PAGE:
Today marks the second anniversary of my dad’s passing. Twenty four months during which I learned for the first time in half century on this screwed up planet what loss truly meant. A valuable lesson formed from consequential emotions evoked at the realisation I’d never again being able to share the company of a dearly loved family member.
This two years enlightening me that deprivation of anything other than a cherished individual’s existence isn’t a true loss, they’re inconveniences that can be overcome. An awareness manifested a more philosophical approach by yours truly to existential stumbling blocks.
I still get frustrated and angry in certain situations, however, being unable to locate possessions, my garden re-cycle bin not being emptied, Sainsburys not stocking an ingredient I desire and a Leeds United defeat are imposters that no longer rankle with a ferocity of yore.
Despite the manifestation of the positive above, though, large swathes of the last forty eight months have been spent being blindsided by numerous triggers of melancholy. These reminders producing a feeling in the pit of my stomach akin to the experienced of descending at speed on a rollercoaster. Sadly though, unlike the thrill ride, the sinking stomach moments aren’t prefixed or suffixed by uplifting adrenaline rushes.
Fortunately, the family have numerous fond memories of Malcolm Strachan to cling onto. Recollections that, from a personal perspective, act as a lifebuoy when more powerful metaphorical eddying currents drag me into a tormenting dark ocean of mental despair. Among them, feeling truly blessed to have had this beautiful man as my father and mentor.
I’d like to clarify, I do realise the grief experienced since the death of my selfless, loving, caring father is what many hundreds of thousands globally encounter every year. It has to be dealt with; life goes on for us he left behind. Something I endeavour to do through the upkeep of his garden and various other odd jobs for my mother, Margaret. His wife of fifty seven years upon who he doted.
What have I learned in the last two years since he passed in the early hours of 11th October 2017 of Wakefield Hospice? Room seven his departure lounge during those final four days prior to leaving this vale of tears. A serene environment where he and loved ones received such excellent support and care.
For starters, I’ll never be able to walk into my mum’s home without that pit of the stomach feeling on witnessing his empty chair. A similar emotion/feeling now experienced when strolling down Lowfields Road toward Leeds United’s football ground, as I did with him on numerous occasions from 1970 onwards. The same ‘punched gut’ feeling will also be my lifelong companion as I walk into Headingley Stadium (where his ashes are scattered) to watch his beloved Yorkshire County Cricket Club play.
I’ve only just reached a juncture of emotional stability where I can play the audio disks in his eclectic CD collection. An act he and I would regularly undertake in his dining room, ordinarily accompanied with a glass of vino and his words of wisdom.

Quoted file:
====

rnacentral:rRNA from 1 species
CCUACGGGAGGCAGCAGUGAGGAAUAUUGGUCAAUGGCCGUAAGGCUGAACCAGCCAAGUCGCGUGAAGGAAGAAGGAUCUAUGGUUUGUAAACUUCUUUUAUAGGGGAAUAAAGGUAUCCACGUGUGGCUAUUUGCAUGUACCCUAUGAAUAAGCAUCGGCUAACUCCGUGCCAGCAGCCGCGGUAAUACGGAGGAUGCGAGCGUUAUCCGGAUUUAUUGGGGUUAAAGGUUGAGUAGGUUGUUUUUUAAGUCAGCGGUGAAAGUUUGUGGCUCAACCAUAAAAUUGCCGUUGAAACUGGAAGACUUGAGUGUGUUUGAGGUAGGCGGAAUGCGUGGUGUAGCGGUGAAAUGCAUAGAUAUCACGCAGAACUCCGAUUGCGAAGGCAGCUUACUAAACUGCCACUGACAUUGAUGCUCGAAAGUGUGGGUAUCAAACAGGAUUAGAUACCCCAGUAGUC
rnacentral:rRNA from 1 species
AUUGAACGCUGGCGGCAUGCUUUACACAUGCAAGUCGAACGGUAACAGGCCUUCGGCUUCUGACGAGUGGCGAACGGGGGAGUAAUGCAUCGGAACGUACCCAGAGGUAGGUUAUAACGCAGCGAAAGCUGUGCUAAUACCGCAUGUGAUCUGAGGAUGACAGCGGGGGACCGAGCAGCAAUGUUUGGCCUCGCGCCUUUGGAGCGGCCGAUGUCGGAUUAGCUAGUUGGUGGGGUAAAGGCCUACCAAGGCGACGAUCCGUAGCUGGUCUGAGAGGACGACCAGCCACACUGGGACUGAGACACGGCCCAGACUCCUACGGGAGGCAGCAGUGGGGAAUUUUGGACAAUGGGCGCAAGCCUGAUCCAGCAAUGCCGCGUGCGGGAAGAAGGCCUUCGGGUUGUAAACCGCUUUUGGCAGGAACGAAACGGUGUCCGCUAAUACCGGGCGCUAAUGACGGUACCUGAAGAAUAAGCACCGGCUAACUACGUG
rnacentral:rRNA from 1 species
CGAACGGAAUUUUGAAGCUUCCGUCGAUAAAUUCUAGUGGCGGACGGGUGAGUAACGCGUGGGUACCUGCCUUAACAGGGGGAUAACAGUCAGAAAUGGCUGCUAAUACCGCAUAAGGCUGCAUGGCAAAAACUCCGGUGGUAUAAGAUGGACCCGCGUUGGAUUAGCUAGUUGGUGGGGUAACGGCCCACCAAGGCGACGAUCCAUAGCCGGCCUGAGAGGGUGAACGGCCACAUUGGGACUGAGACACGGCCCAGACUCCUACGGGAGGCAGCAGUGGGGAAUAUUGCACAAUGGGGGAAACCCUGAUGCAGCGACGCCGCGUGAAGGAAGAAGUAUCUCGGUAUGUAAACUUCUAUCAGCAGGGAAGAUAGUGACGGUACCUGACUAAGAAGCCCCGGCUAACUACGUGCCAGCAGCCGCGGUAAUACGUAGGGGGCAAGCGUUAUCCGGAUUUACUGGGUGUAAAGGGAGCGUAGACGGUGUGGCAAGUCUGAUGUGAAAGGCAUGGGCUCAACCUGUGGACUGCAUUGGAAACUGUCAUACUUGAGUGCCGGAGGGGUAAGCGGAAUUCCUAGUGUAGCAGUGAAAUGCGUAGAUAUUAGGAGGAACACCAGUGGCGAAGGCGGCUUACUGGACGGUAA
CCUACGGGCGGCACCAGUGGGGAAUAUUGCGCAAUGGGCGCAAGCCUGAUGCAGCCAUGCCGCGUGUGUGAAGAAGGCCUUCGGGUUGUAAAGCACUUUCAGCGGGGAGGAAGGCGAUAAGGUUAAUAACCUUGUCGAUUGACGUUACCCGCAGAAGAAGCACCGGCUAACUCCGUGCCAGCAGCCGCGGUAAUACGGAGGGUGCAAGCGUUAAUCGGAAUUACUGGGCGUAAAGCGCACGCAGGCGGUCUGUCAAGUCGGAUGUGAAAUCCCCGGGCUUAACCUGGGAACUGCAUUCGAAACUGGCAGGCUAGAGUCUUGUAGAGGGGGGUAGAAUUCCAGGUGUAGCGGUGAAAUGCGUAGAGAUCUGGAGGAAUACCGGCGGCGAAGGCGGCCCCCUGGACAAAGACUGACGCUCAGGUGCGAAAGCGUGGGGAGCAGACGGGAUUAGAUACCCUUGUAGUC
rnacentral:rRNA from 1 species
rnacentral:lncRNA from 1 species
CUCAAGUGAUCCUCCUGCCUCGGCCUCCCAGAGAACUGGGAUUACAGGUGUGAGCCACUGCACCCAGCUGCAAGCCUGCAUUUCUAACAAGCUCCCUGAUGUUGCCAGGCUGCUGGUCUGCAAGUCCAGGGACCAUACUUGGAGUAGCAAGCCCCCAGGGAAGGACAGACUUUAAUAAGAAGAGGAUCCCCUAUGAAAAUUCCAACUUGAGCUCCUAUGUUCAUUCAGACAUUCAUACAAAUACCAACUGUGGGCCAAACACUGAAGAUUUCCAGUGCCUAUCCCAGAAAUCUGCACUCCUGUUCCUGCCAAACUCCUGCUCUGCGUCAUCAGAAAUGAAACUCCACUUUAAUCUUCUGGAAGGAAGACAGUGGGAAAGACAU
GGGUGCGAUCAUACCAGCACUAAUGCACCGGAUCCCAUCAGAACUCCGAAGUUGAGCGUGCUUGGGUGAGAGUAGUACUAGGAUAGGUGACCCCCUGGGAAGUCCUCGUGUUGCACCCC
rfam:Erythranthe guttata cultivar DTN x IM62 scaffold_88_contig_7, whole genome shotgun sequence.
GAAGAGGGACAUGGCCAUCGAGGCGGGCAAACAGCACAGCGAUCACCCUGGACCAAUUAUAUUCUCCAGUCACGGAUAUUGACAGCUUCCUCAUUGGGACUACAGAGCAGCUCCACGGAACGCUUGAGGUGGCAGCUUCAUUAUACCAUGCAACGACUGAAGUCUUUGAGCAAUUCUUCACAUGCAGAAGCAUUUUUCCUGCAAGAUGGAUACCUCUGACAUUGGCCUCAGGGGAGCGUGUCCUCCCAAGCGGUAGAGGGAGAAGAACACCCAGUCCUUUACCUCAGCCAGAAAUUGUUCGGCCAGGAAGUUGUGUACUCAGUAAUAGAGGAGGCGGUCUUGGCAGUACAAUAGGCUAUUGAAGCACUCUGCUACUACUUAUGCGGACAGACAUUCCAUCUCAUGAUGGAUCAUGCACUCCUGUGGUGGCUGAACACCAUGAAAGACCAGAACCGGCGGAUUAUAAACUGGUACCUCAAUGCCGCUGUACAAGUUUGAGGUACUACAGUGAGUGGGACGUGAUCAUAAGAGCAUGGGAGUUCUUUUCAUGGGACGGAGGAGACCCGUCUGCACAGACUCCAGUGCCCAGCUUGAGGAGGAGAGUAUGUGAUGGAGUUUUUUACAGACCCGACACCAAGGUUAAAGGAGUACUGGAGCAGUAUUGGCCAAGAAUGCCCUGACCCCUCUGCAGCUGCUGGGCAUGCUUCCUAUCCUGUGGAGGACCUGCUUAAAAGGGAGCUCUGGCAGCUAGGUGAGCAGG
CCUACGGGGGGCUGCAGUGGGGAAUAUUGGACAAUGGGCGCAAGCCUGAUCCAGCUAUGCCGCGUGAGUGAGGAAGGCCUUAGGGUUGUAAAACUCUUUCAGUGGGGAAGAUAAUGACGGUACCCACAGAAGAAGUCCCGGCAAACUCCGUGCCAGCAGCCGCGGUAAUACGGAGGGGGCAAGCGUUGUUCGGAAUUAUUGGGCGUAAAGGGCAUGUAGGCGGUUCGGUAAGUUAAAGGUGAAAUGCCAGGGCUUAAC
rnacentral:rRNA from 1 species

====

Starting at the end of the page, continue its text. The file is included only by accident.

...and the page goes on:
Advocacies always starting from a baseline of positivity, never using strong curse words (my siblings and me evidently learning those from other less eloquent individuals on our life sojourn). In all the years his eldest son (me) was blessed to have his company I don’t recollect him ever saying anything disparaging about anyone, a remarkable trait I’ve never seen in any other life acquaintance.
Instead, dad and I would engage in more dignified chats relating to sporting memories, music and family history. The conversation only broken by his changing of CD, which, as was his selfless nature, he’d generally ask me to choose.
For many months I struggled to look through the wooden unit housing those music albums which accompanied so many happy hours in the company of my old man. A bit like Pandora’s Box, yours truly reticent to open the doors due to angst at the strength of emotions it’d evoke.
Mind you, I don’t always attempt to avoid triggers of melancholy. His red leather reclining seat, dining room in situ, has had the dubious pleasure of having my posterior parked upon it on numerous occasions since his passing. Admittedly, though, I felt somewhat irreverent at being perched on his ‘throne’ at first.
When parking my backside on his chair after he’d gone I’d uncomfortable thoughts I was expressing an unintended subliminal message of ‘The king is dead…… Long live the king!‘ A vain glorious notion that couldn’t have been further from my intention; not to mention it being a crown of which I’m not, or ever will be, worthy.
Despite our emptiness at the loss of our beloved family head, the family’s attempted to emerge from these two years without him with a mantra ‘The king is dead….. Long live the king’s spirit. A mission statement of which he’d no doubt approve.